According to a new survey from VPNOverview.com, almost 70% of UK workers have given no thought to the cybersecurity implications of working from home. The survey quizzed 2043 employees across the UK and concluded that most were lacking in awareness of both the threats and their potential solutions. That means they could be putting their organisational networks and data at risk. The survey was conducted in the wake of the mass shift to homeworking caused by the Covid-19 pandemic and consequent office closures.
Shifting operations to remote workers brings some new challenges from the tech-security perspective. Many employees are connected to their work’s central networks for long periods, which means there is potential access to sensitive data for much longer periods of time. They also tend to have significant amounts of company equipment such as laptops and phones at home.
Despite this lax attitude, almost half of people surveyed said that they believed they could lose their job if one of their company devices was compromised. A third of those questioned admitted not having password-protected their main working device, whilst a similar proportion said that they had no qualms about leaving devices in plain view of windows. One in four said they didn’t use password-protected Wi-Fi.
The study identified utilities, manufacturing, construction, engineering, and recruitment as the industries with the highest levels of cybersecurity failings. As a business owner, there are a number of things you should be doing to protect your company from cybercriminals seeking to take advantage of remote-working.
Invest in antivirus software
The cost of cybercrime can be catastrophic for businesses and one of the simplest yet most effective things you can do is to invest in an antivirus solution for yourself and all your employees – wherever they may be.
These solutions offer automatic security against a wide range of threats, including; malware, viruses, spyware, Trojans, worms, phishing scams and zero-day attacks. Cybercriminals are busy looking for new vulnerabilities they can exploit and ways to gain access to your network: antivirus solutions can detect almost all attempts and stop them in their tracks. These solutions also update automatically to stay ahead of the game.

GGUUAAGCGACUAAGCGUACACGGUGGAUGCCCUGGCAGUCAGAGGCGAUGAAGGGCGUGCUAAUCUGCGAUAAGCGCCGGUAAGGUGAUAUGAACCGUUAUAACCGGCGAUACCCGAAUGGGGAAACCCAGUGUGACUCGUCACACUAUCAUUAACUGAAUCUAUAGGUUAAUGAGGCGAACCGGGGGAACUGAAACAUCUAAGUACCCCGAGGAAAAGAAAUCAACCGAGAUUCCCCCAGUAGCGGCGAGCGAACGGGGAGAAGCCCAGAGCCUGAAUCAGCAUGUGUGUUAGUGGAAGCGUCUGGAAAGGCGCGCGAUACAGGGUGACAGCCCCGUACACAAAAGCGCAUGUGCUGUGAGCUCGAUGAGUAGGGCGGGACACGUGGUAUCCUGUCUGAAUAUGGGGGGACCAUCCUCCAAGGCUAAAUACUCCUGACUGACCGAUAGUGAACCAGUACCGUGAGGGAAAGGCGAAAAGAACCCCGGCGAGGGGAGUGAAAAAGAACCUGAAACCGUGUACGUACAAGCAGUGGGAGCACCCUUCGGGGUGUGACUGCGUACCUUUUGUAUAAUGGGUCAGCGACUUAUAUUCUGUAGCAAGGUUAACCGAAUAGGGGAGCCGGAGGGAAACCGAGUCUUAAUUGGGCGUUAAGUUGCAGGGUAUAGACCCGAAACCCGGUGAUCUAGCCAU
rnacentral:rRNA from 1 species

Ensure you have a strong and secure company VPN
With everyone working remotely, it is likely that more devices than ever are connecting to your main Virtual Private Network (VPN). Unfortunately, this creates more potential ‘ways in’ for hackers to exploit.
Some of the main ways you can boost VPN security include; using more stringent authentication methods such as MFA devices; upgrading to a Layer Two Tunnelling Protocol; ensuring employees are following password protocols; and ensuring employees logon via secure networks (using wireless routers and firewalls). Also, make sure your antivirus solution also covers VPN issues.
Have clear policies
Many organisations had to move to remote-working at very short notice, so it could well be that many haven’t had time to fully update and rewrite the relevant policy documents to reflect the new situation. It is crucial for these policies to be updated, well-publicised, understandable to non-tech personnel, and that there are open communication channels for employees to raise questions about them.
Policies exist to protect both the employees and the organisation. Adherence to them should always be understood as part of a mutual agreement. Adherence also needs to be closely monitored so that common and frequent issues can be flagged and discussed in a non-accusatory way.
Be aware of email hazards
Remote selling and working entail a lot more email exchanges to replace face-to-face meetings. The dangers from fraudulent emails has therefore increased too, and it is a common way for cybercriminals to gain access to systems.
To combat this, you should ensure your employees are educated in how to spot and deal with suspicious emails. Ensure that emails are only accessed through your VPN and that every employee device encrypts stored data.